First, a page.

When WeWork CEO Adam Neumann pitched private investors five years ago, he pointed to a near future where WeWork would spend less on upfront costs for the majority of its buildings. The plan included coaxing more money from landlords to pay for construction expenses, in exchange for giving the building owners a share of the profits.
But the money-saving effort didn’t come to fruition. Landlords now cover about half of WeWork’s construction costs before the company moves into a building on average, financial filings show, as is typical in the industry but well below the 75% of costs that WeWork envisioned five years ago.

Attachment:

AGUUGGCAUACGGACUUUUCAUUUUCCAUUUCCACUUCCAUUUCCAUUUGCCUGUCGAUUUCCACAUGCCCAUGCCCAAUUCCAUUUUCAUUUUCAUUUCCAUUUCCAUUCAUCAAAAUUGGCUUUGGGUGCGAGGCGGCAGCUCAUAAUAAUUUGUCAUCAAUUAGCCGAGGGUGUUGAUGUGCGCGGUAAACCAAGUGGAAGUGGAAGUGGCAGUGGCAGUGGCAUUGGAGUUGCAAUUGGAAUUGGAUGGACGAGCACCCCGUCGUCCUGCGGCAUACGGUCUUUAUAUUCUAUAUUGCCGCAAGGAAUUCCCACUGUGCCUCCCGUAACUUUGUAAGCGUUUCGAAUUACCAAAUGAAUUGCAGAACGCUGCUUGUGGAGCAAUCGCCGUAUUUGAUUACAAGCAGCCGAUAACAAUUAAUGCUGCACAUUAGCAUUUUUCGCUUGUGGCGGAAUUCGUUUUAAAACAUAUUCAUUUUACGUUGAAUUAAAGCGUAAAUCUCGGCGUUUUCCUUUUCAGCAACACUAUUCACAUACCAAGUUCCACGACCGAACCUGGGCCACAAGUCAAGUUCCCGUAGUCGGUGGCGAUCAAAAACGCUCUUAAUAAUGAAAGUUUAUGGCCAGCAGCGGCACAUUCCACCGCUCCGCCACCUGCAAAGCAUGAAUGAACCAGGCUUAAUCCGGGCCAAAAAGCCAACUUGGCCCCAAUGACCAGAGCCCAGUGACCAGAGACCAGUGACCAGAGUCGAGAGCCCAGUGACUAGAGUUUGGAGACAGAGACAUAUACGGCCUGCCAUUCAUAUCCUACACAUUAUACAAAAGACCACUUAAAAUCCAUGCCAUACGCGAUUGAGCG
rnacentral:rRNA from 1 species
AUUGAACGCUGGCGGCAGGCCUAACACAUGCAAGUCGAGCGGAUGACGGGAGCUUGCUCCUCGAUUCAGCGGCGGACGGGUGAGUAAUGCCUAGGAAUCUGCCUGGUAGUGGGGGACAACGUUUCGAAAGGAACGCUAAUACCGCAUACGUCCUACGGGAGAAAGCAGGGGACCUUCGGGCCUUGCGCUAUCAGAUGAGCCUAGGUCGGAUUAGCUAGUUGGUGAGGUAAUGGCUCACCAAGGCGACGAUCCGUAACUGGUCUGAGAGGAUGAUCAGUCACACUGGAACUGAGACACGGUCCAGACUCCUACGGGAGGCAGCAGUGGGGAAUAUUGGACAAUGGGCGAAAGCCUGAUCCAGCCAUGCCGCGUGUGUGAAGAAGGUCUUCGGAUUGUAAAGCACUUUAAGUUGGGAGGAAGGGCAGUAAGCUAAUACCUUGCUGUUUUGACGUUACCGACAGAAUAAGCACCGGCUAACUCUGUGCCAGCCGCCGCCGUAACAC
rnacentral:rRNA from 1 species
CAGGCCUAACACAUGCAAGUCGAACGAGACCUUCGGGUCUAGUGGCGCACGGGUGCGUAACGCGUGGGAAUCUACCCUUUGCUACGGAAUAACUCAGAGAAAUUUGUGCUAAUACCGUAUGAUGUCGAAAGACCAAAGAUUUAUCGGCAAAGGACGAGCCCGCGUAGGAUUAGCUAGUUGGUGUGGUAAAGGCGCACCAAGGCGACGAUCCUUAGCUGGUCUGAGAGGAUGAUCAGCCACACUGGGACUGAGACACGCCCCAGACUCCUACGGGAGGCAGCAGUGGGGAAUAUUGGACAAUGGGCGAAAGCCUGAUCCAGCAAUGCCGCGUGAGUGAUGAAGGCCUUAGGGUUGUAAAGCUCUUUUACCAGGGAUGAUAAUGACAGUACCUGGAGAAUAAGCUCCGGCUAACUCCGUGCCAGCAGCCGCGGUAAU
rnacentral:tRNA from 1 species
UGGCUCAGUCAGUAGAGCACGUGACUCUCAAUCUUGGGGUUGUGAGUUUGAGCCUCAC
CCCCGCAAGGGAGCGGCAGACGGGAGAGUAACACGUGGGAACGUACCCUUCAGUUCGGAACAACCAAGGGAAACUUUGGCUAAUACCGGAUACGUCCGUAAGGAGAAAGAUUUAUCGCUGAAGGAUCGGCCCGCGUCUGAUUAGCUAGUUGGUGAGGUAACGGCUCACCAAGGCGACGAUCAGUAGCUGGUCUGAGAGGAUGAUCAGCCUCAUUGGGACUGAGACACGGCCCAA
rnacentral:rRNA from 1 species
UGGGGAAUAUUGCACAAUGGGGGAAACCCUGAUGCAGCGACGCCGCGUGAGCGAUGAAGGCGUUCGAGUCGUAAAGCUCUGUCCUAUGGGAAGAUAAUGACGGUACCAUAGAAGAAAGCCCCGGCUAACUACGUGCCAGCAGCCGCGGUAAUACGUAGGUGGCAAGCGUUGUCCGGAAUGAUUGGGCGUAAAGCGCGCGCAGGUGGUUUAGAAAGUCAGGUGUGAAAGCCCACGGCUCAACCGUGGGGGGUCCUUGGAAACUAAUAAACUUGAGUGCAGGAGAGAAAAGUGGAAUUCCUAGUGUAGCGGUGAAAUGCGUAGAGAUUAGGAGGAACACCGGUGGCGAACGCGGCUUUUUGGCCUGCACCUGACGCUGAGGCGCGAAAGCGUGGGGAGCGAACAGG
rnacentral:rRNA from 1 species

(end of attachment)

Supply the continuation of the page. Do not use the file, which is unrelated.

WeWork lured some of the most prominent tech investors in part by promising that it could shake up entrenched ways of doing business in real estate. But the experience with construction costs is an example of how the company has been unable or unwilling to modify its business model in ways that might slow its rapid cash burn. That has come back to haunt WeWork, which now urgently needs new capital and is scrambling to persuade public investors that it has a viable path to profitability.